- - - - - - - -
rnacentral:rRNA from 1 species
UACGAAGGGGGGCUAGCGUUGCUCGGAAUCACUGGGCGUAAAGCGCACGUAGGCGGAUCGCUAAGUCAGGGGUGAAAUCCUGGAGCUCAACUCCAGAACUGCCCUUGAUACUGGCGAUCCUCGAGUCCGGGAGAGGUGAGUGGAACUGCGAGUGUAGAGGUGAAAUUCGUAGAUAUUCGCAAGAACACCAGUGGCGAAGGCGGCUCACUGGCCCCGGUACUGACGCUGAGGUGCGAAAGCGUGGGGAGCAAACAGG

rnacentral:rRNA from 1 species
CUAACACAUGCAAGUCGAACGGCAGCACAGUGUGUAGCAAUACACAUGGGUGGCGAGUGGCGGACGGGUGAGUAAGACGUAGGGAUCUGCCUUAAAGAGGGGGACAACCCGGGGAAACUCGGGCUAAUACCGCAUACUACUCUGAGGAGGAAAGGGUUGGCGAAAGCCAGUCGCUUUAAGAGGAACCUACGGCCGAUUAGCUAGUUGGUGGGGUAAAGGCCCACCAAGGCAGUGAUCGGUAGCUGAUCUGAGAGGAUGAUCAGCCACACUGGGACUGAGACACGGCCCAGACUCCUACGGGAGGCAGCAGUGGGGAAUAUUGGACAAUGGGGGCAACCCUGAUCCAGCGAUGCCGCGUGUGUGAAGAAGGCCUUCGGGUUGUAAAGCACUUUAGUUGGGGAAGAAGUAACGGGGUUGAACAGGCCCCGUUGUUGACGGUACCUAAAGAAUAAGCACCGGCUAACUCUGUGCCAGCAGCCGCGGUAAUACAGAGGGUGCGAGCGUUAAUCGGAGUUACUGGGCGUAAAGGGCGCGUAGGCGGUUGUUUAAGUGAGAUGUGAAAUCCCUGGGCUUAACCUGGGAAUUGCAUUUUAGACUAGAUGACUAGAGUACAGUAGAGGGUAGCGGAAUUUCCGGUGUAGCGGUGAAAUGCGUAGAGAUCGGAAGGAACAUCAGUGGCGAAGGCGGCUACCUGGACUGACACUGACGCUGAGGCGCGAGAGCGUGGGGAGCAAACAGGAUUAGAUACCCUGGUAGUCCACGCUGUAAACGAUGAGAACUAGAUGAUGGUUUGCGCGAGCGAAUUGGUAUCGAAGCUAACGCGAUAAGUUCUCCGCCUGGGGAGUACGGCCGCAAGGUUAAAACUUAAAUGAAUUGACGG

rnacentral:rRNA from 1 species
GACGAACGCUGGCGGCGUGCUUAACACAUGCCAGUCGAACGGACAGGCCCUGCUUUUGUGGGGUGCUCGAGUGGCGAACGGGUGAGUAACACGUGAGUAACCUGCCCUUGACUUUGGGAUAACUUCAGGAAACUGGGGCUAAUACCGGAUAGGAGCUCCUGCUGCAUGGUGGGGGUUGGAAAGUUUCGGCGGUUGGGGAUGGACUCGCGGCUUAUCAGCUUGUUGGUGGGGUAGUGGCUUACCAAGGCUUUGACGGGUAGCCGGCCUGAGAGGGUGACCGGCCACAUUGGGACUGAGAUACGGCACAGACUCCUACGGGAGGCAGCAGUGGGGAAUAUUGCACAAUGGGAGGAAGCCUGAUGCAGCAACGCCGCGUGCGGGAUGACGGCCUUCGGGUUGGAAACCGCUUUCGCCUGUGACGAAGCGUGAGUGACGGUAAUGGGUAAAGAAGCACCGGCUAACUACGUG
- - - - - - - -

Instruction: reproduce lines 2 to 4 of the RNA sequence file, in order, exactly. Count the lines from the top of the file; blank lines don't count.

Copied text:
UACGAAGGGGGGCUAGCGUUGCUCGGAAUCACUGGGCGUAAAGCGCACGUAGGCGGAUCGCUAAGUCAGGGGUGAAAUCCUGGAGCUCAACUCCAGAACUGCCCUUGAUACUGGCGAUCCUCGAGUCCGGGAGAGGUGAGUGGAACUGCGAGUGUAGAGGUGAAAUUCGUAGAUAUUCGCAAGAACACCAGUGGCGAAGGCGGCUCACUGGCCCCGGUACUGACGCUGAGGUGCGAAAGCGUGGGGAGCAAACAGG

rnacentral:rRNA from 1 species
CUAACACAUGCAAGUCGAACGGCAGCACAGUGUGUAGCAAUACACAUGGGUGGCGAGUGGCGGACGGGUGAGUAAGACGUAGGGAUCUGCCUUAAAGAGGGGGACAACCCGGGGAAACUCGGGCUAAUACCGCAUACUACUCUGAGGAGGAAAGGGUUGGCGAAAGCCAGUCGCUUUAAGAGGAACCUACGGCCGAUUAGCUAGUUGGUGGGGUAAAGGCCCACCAAGGCAGUGAUCGGUAGCUGAUCUGAGAGGAUGAUCAGCCACACUGGGACUGAGACACGGCCCAGACUCCUACGGGAGGCAGCAGUGGGGAAUAUUGGACAAUGGGGGCAACCCUGAUCCAGCGAUGCCGCGUGUGUGAAGAAGGCCUUCGGGUUGUAAAGCACUUUAGUUGGGGAAGAAGUAACGGGGUUGAACAGGCCCCGUUGUUGACGGUACCUAAAGAAUAAGCACCGGCUAACUCUGUGCCAGCAGCCGCGGUAAUACAGAGGGUGCGAGCGUUAAUCGGAGUUACUGGGCGUAAAGGGCGCGUAGGCGGUUGUUUAAGUGAGAUGUGAAAUCCCUGGGCUUAACCUGGGAAUUGCAUUUUAGACUAGAUGACUAGAGUACAGUAGAGGGUAGCGGAAUUUCCGGUGUAGCGGUGAAAUGCGUAGAGAUCGGAAGGAACAUCAGUGGCGAAGGCGGCUACCUGGACUGACACUGACGCUGAGGCGCGAGAGCGUGGGGAGCAAACAGGAUUAGAUACCCUGGUAGUCCACGCUGUAAACGAUGAGAACUAGAUGAUGGUUUGCGCGAGCGAAUUGGUAUCGAAGCUAACGCGAUAAGUUCUCCGCCUGGGGAGUACGGCCGCAAGGUUAAAACUUAAAUGAAUUGACGG